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The rise of Japanese NGOs : Activism from Above : [book review] Hirata, Keiko Mar 31, 2011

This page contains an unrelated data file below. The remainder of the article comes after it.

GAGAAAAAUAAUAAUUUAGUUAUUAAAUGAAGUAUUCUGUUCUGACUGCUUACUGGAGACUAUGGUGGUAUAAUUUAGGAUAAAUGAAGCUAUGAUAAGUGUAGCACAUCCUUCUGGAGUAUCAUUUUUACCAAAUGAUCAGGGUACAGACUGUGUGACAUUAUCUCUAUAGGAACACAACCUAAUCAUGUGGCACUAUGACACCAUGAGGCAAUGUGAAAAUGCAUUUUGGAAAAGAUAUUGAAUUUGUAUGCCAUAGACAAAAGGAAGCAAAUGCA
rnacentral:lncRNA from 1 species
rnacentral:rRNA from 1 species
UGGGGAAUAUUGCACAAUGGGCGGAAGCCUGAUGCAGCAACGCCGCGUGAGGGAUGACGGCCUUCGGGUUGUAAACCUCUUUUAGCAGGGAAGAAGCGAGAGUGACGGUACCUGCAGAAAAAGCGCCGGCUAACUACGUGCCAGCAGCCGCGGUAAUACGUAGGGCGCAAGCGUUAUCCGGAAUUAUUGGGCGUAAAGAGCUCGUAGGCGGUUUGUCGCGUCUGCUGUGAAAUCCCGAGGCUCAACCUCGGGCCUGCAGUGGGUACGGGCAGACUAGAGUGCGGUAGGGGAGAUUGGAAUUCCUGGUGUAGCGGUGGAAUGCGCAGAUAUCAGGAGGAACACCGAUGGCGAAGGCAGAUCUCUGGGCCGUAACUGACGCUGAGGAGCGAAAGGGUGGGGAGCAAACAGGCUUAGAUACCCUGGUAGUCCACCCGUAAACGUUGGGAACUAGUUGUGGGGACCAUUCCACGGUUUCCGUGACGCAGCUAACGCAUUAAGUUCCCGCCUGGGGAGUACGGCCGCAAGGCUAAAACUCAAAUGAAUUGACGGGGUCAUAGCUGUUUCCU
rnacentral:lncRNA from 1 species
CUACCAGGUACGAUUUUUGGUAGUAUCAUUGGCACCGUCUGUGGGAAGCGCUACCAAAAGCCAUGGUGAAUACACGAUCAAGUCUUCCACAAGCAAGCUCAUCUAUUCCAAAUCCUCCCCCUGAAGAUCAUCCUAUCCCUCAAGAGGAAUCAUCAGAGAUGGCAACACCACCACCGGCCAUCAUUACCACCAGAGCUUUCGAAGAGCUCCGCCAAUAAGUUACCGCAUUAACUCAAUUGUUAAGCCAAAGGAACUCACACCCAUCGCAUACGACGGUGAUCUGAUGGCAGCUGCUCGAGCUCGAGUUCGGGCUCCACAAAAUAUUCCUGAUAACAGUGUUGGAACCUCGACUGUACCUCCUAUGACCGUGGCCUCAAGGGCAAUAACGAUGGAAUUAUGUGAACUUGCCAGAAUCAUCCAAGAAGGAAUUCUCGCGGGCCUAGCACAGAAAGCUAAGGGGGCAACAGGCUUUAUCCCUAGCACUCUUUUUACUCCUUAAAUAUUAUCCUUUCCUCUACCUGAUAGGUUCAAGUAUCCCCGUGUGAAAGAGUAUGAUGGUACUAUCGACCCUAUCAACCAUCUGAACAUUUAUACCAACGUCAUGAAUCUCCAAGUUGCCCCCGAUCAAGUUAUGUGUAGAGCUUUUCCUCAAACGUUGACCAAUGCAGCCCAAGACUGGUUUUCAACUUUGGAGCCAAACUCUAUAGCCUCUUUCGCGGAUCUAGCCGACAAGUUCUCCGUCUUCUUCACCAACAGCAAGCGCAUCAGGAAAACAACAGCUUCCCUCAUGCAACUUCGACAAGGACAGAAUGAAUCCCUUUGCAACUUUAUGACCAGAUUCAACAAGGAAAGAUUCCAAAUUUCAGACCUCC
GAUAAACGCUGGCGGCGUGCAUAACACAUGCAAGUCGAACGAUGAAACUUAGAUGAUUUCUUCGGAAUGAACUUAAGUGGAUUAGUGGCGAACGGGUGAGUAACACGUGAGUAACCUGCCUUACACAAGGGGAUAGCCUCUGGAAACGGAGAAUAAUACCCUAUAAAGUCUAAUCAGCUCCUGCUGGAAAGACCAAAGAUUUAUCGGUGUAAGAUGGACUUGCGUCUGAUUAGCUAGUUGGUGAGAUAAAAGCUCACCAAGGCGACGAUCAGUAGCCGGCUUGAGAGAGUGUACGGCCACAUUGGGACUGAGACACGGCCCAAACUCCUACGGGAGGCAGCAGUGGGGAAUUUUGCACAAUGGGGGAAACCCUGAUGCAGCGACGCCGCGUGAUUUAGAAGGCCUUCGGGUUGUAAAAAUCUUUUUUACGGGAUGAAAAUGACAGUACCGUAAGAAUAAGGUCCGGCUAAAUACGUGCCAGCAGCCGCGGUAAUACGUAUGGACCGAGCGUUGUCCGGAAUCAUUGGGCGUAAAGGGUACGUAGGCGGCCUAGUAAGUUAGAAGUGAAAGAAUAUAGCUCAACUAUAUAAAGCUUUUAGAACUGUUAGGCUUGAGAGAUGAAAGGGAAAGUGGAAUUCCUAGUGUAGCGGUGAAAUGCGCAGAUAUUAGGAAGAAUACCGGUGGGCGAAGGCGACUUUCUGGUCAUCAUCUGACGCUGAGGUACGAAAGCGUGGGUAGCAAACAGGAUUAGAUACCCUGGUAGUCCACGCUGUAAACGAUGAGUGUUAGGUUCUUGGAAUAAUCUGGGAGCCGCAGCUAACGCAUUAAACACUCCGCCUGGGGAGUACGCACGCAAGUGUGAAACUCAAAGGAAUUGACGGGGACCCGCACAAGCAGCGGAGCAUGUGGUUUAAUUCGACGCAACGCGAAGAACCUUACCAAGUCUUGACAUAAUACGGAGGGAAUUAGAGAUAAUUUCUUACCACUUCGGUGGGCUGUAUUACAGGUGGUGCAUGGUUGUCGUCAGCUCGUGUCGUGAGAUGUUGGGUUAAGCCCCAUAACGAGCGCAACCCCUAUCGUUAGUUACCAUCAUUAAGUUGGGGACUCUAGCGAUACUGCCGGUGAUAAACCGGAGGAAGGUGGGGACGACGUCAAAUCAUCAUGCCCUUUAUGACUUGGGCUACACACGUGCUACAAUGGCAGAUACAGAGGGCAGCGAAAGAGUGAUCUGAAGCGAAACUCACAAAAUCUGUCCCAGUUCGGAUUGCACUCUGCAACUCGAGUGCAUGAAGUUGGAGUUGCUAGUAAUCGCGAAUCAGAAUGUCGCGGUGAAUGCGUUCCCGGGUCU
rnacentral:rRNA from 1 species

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Pacific Affairs: Volume 84, No. 1 – March, 2011  10 THE RISE OF JAPANESE NGOS: Activism from Above. Routledge Contemporary Japan Series, 28. By Kim D. Reimann. London and New York: Routledge, 2009. xv, 207 pp. (Tables, figures.) US$130.00, cloth. ISBN 978-0-415-49802-9. NGOs have received increased attention in the last two decades. Some scholars have documented the growth of NGOs and their expanded influence in global politics (e.g., M.E. Keck and K. Sikkink, Activism beyond borders, Cornell University Press, 1998). Others have noted the disparate levels of development achieved by NGOs in different countries and examined the domestic structural barriers to NGO establishment and growth in countries such as Japan (e.g., F.J. Schwartz and S.J. Pharr, eds., The state of civil society in Japan, Cambridge University Press, 2003). While asking how and why NGOs emerge and grow, Reimann addresses both the general rise of NGOs (referred to as “convergence”) as well as the differing levels of NGO strength (referred to as “divergence”) among industrialized countries, with a focus on Japan as a case study. In chapter 1, Reimann explains her analytical model, which she terms “activism from above.” This framework considers a number of domestic and international factors, all of which suggest NGO activism is shaped from above by the state and by international structures. At the domestic level, she identifies state policies and the structure of political institutions as causal factors of divergent NGO development. At the international level, she identifies three factors to analyze the convergence: international political opportunities, state socialization and transnational diffusion of ideas. Reimann’s model thus challenges conventional wisdom in International Relations, which views NGOs as a grassroots, bottom-up phenomenon challenging state authority. Reimann claims that her model better accounts for political factors (e.g., state policies) to explain the convergence and divergence of NGOs, in contrast to both modernization and globalization theory, which, in her view, attend principally to socio-economic factors to explain NGO convergence. Most interestingly, Reimann argues in chapter 2 that regime types correspond to NGO development. According to Reimann, liberal pluralist (e.g., the US, the UK), corporatist (e.g., Germany, the Netherlands) and social democratic (e.g., Nordic countries) regimes facilitate NGO organization and activism through NGO-friendly domestic policies and more open political opportunity structures. In contrast, the more restrictive legal structures and limited political opportunity structures of statist regimes (e.g., Japan, France, Italy) serve as barriers to the establishment and growth of NGOs. In the following chapters, Reimann explains the convergence phenomenon through an analysis of recent changes in international political structures and politics (chapter 3), and then examines the delayed emergence and growth of globally active Japanese NGOs (chapters 4 and 5). In the last  11 Electronic Book Review: Northeast Asia chapter (chapter 6) she summarizes her arguments. Reimann’s work has many strengths. She draws on an array of research in International Relations, Comparative Politics, and Japanese Studies to address a wide range of important issues such as global governance, international norms, state identity and domestic policies. The study also provides rich and valuable data on globally active Japanese NGOs. Most importantly, this is one of the few studies that seeks to analyze both the convergence and divergence of NGO development among industrial countries. At the same time, the study faces two shortcomings. First, it depends on a single case (Japan) to make a cross-national claim that regime type affects NGO activism. The claim is difficult to evaluate without in-depth case studies of countries representing the other three regime types she discusses. Second, the book fails to sufficiently explain how domestic and international factors interact in shaping NGO development. The study provides a partial picture of that interaction: for example, Reimann argues that state socialization at the international level has brought about changes in state policies toward NGOs at the domestic level. However, she does not discuss how state socialization and international norms (international factors) intersect with regime type. According to Reimann, “liberal and progressive rich democracies” (152) or “powerful democracies” (153) in the West (e.g., the US, the UK, the Netherlands, Sweden) support a pro-NGO norm at the international level (163-165). This might imply that non-statist regimes are promoters of that norm and that statist regimes are norm learners via international socialization. But since, in Reimann’s typology, statist regimes include Western democracies such as France and Italy, one wonders whether these countries are considered norm followers like Japan or whether they are also “powerful [Western] democracies” that promote NGOs worldwide. Since Reimann does not address these questions, it remains unclear whether regime type matters at the international level. Despite these shortcomings, Reimann’s book is a high-quality study that offers a fresh perspective on NGO development. It will be of interest to scholars and students of civil society, NGOs in the non-Western world, or state-society relations in Japan. California State University, Northridge, USA   keiko Hirata


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